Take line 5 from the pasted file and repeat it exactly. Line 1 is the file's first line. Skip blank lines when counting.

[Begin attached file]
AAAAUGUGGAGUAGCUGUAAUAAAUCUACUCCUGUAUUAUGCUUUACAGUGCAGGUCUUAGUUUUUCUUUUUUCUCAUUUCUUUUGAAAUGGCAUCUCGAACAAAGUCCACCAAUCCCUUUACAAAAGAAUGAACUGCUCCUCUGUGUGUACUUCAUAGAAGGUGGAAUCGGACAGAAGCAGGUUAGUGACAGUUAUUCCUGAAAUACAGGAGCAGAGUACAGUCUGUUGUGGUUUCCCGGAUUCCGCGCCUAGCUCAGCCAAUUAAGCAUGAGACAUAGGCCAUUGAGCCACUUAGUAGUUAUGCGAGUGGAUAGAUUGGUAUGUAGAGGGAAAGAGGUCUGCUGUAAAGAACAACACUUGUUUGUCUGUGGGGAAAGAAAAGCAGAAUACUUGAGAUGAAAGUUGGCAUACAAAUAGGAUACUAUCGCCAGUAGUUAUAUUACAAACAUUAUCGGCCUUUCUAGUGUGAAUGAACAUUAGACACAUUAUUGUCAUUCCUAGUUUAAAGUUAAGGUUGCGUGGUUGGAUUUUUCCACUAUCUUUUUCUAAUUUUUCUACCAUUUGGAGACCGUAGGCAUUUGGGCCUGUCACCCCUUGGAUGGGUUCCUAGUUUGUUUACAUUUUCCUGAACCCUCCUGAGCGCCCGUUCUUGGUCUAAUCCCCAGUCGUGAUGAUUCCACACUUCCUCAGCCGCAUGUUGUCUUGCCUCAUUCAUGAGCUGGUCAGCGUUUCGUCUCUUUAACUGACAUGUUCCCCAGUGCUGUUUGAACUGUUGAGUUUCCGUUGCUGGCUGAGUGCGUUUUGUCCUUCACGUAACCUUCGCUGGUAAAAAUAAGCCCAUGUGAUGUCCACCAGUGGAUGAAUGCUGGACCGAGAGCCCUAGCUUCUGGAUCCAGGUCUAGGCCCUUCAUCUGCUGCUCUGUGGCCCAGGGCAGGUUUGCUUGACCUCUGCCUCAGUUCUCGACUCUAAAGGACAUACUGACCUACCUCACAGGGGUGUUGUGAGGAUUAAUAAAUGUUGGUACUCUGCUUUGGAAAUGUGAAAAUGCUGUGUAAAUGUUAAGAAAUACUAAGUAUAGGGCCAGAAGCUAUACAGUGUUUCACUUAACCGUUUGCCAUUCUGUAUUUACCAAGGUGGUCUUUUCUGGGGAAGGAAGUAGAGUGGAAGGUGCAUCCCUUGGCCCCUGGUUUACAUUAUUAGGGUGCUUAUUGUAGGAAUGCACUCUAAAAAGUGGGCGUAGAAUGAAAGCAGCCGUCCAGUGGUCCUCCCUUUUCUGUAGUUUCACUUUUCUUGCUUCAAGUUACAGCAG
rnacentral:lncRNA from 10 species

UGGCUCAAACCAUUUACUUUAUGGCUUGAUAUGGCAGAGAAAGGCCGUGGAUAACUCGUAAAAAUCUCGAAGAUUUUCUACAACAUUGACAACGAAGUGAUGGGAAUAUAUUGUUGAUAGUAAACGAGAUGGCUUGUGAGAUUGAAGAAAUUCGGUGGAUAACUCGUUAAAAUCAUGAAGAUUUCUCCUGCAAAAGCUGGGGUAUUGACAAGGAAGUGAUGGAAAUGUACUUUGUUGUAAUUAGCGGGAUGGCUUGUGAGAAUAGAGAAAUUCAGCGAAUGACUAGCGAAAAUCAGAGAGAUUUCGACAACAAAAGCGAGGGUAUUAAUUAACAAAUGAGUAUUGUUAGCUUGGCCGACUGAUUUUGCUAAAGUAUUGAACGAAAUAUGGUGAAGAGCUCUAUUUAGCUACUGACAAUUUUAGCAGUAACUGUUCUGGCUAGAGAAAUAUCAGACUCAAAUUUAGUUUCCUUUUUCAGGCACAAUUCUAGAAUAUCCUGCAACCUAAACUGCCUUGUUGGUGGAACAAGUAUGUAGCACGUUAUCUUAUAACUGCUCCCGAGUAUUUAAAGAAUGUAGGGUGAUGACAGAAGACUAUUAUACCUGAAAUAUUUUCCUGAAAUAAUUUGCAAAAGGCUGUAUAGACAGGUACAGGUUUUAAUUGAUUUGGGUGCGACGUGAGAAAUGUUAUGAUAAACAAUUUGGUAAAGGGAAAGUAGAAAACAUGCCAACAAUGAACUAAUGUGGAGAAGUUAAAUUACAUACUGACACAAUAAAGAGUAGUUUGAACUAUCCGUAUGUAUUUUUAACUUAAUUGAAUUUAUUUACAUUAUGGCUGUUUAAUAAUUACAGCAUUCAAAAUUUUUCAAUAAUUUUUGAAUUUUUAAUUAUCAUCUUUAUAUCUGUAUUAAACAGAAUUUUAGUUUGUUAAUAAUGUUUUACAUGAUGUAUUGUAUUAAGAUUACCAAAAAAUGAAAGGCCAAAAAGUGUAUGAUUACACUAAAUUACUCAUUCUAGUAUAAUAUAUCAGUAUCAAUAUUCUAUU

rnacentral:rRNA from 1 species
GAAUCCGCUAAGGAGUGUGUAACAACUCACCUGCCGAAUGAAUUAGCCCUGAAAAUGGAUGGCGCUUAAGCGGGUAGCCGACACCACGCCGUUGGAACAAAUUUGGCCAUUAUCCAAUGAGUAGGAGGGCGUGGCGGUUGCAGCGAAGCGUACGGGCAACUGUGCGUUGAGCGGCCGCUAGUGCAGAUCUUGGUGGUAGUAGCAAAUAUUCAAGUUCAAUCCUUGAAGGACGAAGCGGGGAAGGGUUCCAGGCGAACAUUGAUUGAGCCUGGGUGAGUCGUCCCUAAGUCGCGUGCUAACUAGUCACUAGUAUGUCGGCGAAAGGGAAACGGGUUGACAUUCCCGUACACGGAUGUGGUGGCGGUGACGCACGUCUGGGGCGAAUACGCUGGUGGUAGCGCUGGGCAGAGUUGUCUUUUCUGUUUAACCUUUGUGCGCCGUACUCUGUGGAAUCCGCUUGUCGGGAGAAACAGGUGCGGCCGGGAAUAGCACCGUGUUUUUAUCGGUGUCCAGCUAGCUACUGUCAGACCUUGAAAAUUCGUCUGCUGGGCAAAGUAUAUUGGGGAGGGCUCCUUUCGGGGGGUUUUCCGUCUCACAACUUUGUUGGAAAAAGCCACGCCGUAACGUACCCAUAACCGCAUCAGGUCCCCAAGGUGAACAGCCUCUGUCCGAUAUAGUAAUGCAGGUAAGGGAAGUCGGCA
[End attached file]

GAAUCCGCUAAGGAGUGUGUAACAACUCACCUGCCGAAUGAAUUAGCCCUGAAAAUGGAUGGCGCUUAAGCGGGUAGCCGACACCACGCCGUUGGAACAAAUUUGGCCAUUAUCCAAUGAGUAGGAGGGCGUGGCGGUUGCAGCGAAGCGUACGGGCAACUGUGCGUUGAGCGGCCGCUAGUGCAGAUCUUGGUGGUAGUAGCAAAUAUUCAAGUUCAAUCCUUGAAGGACGAAGCGGGGAAGGGUUCCAGGCGAACAUUGAUUGAGCCUGGGUGAGUCGUCCCUAAGUCGCGUGCUAACUAGUCACUAGUAUGUCGGCGAAAGGGAAACGGGUUGACAUUCCCGUACACGGAUGUGGUGGCGGUGACGCACGUCUGGGGCGAAUACGCUGGUGGUAGCGCUGGGCAGAGUUGUCUUUUCUGUUUAACCUUUGUGCGCCGUACUCUGUGGAAUCCGCUUGUCGGGAGAAACAGGUGCGGCCGGGAAUAGCACCGUGUUUUUAUCGGUGUCCAGCUAGCUACUGUCAGACCUUGAAAAUUCGUCUGCUGGGCAAAGUAUAUUGGGGAGGGCUCCUUUCGGGGGGUUUUCCGUCUCACAACUUUGUUGGAAAAAGCCACGCCGUAACGUACCCAUAACCGCAUCAGGUCCCCAAGGUGAACAGCCUCUGUCCGAUAUAGUAAUGCAGGUAAGGGAAGUCGGCA